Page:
Velma always seemed like a bit of a strange experiment, a reimagining of Scooby Doo in adult animation format where the danger is real and the jokes grosser. It could have worked, but for all intents and purposes it doesn’t. Not at all.
The first two episodes of Velma have arrived on HBO Max. They didn’t really impress critics, but audience reviews? They are cruel.
Currently, Velma has a very-bad-for-HBO-Max review with 50% of critics on Rotten Tomatoes, and has only 9% of hundreds of ratings.
Before you jump in and say “well, these are people bombing the show because it made the cast more diverse,” that’s… one of the weirdest things here. Velma seems upset both sides of his potential audience here. Sure, there will be the usual “diversity recasting” haters, but when you watch the show itself, it feels like it’s almost have fun from shows that do diversity casting or social posting. It has led to what you might have assumed would be a more left-wing fan base for the show to accuse creator Mindy Kaling of actually making a bit of it conservative project, as people cite past comments she’s made and things like her appreciation for recent JK Rowling tweets as evidence of her personal opinion.
Above all, it feels like the humor just doesn’t resonate with every audience. The show feels like it’s trying to annoy everyone who watches it, and the Scooby Doo IP seems almost secondary to the whole concept. Scooby Doo has enjoyed great success over the years as a children’s cartoon and live-action feature film, and while it’s possible that an animated adult version of the concept could have worked, this iteration seems to have all potential audiences in the wrong way shot. This is a show where Daphne and Velma finally share a kiss, and yet the would-be liberal audience writes it off because of how hostile it all feels.
It’s a shame because this is a really great cast here. Constance Wu, Sam Richardson, Glenn Howerton. And I’ve definitely liked Kaling’s work before, whether that be in The Office, The Mindy Project, or most recently Never Have I Ever. But Velma? Something has gone profoundly wrong here, and it’s roasted harder than pretty much any new show I’ve seen since The Witcher: Blood Origin on Netflix. Though even that eventually climbed to a 13% audience rating. At this point, Velma really has nothing else to compare itself to in terms of how poorly it scores, and it can’t blame a politically driven bombing campaign given that both sides of the aisle don’t like it for several reasons. What a bizarre situation.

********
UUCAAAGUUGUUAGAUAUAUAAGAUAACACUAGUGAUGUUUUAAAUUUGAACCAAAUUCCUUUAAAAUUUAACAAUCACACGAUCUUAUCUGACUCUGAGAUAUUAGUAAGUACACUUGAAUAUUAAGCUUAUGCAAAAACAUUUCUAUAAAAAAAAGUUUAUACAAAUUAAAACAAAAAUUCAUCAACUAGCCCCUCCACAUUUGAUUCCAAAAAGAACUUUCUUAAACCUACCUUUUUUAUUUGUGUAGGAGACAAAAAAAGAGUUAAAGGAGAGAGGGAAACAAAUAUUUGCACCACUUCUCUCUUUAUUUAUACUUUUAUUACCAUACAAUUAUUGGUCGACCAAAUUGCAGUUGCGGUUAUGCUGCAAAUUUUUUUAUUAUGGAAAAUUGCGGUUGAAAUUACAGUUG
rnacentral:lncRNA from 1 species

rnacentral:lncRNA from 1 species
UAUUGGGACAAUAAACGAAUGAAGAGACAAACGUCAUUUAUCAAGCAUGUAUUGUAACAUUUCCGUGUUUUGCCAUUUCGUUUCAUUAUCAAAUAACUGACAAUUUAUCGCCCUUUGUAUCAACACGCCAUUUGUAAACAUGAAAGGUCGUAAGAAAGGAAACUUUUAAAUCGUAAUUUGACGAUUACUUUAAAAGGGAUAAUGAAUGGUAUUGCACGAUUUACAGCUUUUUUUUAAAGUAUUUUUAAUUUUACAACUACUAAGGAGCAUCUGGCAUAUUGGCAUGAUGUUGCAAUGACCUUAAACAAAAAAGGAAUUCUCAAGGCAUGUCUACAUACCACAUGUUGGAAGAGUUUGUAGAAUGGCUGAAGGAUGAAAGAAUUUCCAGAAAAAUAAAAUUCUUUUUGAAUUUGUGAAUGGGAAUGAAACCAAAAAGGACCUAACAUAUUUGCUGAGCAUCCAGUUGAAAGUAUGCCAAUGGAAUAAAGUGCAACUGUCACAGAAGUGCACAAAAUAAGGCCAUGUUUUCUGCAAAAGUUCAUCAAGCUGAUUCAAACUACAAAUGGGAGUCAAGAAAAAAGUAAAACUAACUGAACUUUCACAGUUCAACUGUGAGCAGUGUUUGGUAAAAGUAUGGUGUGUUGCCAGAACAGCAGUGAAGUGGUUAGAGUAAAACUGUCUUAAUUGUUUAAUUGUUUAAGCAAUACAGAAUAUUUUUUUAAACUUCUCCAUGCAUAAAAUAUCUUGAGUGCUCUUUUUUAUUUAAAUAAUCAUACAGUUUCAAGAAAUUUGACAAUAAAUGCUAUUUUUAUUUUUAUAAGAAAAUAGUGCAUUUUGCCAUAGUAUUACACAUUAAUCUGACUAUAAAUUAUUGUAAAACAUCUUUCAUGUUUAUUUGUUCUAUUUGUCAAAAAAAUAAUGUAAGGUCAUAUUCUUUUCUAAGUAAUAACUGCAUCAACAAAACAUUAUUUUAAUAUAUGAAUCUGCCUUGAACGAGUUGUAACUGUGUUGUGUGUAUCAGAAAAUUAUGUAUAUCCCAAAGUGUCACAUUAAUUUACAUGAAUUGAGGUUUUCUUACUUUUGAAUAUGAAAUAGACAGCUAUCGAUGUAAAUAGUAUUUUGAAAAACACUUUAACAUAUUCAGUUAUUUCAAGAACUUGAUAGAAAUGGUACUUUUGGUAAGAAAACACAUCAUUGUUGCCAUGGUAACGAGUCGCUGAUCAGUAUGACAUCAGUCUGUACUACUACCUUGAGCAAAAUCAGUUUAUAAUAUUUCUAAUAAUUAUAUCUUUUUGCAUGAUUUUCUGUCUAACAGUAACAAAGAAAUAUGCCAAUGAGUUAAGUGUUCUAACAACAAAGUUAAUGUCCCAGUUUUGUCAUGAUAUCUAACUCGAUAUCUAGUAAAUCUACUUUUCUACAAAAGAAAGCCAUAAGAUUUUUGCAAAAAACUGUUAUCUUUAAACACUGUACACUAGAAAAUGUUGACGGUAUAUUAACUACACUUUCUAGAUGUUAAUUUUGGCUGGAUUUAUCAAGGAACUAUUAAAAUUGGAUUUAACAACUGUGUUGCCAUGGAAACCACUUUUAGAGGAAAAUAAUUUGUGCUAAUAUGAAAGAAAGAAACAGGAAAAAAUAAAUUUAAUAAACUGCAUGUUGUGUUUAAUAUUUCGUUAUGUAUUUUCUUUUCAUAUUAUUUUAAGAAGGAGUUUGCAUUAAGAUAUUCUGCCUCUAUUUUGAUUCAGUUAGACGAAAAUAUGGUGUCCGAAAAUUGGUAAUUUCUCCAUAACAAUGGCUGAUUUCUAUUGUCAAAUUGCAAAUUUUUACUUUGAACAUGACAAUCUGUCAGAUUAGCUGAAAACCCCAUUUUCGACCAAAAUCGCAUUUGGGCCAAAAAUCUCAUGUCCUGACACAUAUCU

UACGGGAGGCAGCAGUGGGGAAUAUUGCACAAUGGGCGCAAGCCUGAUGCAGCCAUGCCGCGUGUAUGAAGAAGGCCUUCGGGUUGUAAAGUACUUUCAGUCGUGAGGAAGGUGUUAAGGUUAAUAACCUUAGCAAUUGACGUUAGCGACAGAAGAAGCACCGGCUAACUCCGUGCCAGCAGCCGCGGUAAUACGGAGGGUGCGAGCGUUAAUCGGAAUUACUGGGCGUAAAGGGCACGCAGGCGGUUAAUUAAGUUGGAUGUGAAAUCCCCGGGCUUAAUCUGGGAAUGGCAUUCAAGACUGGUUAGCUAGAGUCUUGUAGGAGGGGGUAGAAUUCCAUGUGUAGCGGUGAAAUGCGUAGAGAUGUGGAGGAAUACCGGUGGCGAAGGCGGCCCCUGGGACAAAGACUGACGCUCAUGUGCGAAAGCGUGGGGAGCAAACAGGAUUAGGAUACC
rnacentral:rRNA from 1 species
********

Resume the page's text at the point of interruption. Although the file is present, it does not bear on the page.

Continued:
Update (1/15): Time hasn’t improved this as more people have watched the show, which HBO now says is the most watched Max original animated series premiere ever (not that there’s much else to compare it to, even Harley Quinn premiered on DC Universe).
- With nearly 3,000 ratings, Velma has a 7% viewership rating on Rotten Tomatoes.
- Velma has a 0.4/10 in user reviews on Metacritic (a 59/100 from critics).
- Velma has a 1.4/5 in viewer ratings on Google.
- With nearly 9,000 votes, Velma has a 1.7/10 on IMDB.
In short, Velma has hit the holy trinity: It’s basically bombarded by right-wing viewers complaining about “awakened” content. And yet, unlike other series that do this, left-wing viewers don’t find the show defensible, and they are also score low. Not because of “awakened” content, but because it’s just… bad. And then you have the third pillar, Scooby Doo fans who love the classic series and IP and hate it being used in this way for a bad adult cartoon. That is perhaps the largest group, judging by the reviews I read online.
Mindy Kaling continued to spark online ire for Velma, with many citing her constant “self-involvement” in her series, with the repeated theme of an Indian girl desperate for white attention also present in her other shows.
But it’s also been brought up that Charlie Grandy is actually credited as the creator of Velma. Grandy has been a frequent collaborator of Kaling’s and in the wake of Velma’s troubles, was accused of being a “nepotism” case, the son of a former Love Boat star and congressman, with his mother a Hollywood TV writer. It’s gotten pretty personal with both, and many are looking for explanations as to why Velma is this one bad.
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